No, the trial judge did not fail to conduct the proceedings in a fair manner due to her refusal to allow the appellant to call Ms. D as a witness. The trial judge relied on the decision in Scott v. Cook, [1970] 2 O.R. 769 (H.C.), which held that on a motion to reopen trial proceedings, the requesting party must show that the evidence sought to be adduced is such that, if it had been presented during the trial, it probably would have changed the result. The appellant contended that the more appropriate test to be applied in the context of family law proceedings is that set out in Catholic Children’s Aid Society of Toronto v. M.R., 2014 ONCJ 762,  which lists the following factors a court will consider in civil cases in determining whether to allow a plaintiff to re-open their case:

  1. At what stage of the trial is the motion made?
  2. Why was evidence not adduced during the party’s case?
  3. Did the party intentionally omit leading the evidence earlier? Or did the evidence only recently come to the party’s attention, despite diligent earlier efforts?
  4. What is the prejudice to the defendant? A defendant might have conducted his case differently if he had known and had an opportunity to investigate the evidence which is the subject of the motion.
  5. Can any prejudice be remedied in costs?
  6. How would a reopening of the case affect the length of the trial? How much evidence would have to be revisited?

7.What is the nature of the evidence? Does it deal with an issue which was important and disputed from the beginning, or with a technical or noncontroversial point? Does it merely “shore up” evidence led in chief?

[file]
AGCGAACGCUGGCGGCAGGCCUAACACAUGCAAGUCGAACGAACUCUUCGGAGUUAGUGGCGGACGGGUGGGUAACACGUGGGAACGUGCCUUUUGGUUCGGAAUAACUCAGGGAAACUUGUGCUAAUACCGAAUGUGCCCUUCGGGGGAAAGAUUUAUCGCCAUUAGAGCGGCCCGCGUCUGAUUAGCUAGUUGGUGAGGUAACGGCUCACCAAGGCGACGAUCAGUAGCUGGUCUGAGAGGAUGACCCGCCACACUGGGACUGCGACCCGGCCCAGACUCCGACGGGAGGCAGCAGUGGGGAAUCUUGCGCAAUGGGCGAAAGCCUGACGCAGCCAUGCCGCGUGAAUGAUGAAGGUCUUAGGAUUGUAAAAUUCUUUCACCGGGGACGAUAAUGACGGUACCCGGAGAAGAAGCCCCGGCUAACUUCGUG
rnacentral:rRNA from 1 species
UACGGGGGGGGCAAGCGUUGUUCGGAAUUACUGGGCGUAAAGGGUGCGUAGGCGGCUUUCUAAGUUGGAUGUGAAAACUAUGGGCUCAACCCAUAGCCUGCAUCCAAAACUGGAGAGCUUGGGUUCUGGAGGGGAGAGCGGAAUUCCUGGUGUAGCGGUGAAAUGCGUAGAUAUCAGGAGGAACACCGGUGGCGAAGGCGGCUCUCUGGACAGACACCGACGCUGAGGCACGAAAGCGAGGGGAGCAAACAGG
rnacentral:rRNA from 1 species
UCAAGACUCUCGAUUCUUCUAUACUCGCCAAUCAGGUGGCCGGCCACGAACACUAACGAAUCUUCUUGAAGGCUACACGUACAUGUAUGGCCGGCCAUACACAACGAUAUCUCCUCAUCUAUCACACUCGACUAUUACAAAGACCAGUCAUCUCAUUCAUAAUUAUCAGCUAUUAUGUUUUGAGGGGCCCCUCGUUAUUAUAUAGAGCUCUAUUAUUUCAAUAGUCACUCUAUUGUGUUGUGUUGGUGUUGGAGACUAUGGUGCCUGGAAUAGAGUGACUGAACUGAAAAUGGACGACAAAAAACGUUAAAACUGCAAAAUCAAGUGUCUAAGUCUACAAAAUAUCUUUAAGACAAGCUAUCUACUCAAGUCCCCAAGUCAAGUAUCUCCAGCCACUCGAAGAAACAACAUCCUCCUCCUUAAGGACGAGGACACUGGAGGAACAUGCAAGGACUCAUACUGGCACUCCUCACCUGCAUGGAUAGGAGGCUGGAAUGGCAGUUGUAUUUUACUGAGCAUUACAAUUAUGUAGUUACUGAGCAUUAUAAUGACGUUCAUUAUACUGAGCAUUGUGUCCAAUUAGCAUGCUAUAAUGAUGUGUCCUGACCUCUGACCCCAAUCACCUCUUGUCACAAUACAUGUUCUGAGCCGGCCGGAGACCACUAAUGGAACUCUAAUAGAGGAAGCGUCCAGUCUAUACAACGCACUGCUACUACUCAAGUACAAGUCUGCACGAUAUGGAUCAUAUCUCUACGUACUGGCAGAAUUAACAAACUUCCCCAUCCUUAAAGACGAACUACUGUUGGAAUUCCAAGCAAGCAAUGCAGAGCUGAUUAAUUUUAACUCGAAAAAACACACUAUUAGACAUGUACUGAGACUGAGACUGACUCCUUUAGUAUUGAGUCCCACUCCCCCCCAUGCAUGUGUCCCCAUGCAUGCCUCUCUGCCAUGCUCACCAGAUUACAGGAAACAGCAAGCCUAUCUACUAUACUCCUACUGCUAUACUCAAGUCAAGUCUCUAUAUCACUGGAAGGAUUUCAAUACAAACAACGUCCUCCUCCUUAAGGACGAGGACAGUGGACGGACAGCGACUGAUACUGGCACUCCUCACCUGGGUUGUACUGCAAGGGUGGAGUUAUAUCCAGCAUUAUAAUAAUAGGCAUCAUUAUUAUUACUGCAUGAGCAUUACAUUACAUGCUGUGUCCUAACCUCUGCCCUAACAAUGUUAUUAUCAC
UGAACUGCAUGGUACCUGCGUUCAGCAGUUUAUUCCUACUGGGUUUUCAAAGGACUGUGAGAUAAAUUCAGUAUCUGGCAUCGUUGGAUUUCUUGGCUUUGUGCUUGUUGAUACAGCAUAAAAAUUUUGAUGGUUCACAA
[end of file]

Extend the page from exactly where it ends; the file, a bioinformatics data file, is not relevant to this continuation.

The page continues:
1. Is the proposed new evidence presumptively credible?

The Court agreed that this case provides a helpful list of factors for a trial judge to consider when entertaining a party’s request to reopen her case. However, the Court found that when the trial judge’s reasons for her ruling are read as a whole, they disclose that she took into account the factors most relevant to the specific circumstances of the case.

When MM’s counsel advised that he would not call Ms. D, the appellant was offered a mechanism by which she could secure Ms. D’s evidence for her case without summons. However, she did not avail herself of the opportunity. Instead, she waited several months until the resumption of the trial to request reopening her case. Given the appellant’s lack of forensic diligence regarding Ms. D’s evidence, and the absence of any evidentiary basis to suggest the this evidence probably would have an important influence on the result of the case, the Court found no error in the cost/benefit and fairness analysis conducted by the trial judge that led her to exercise her discretion to refuse the appellant leave to call Ms. D.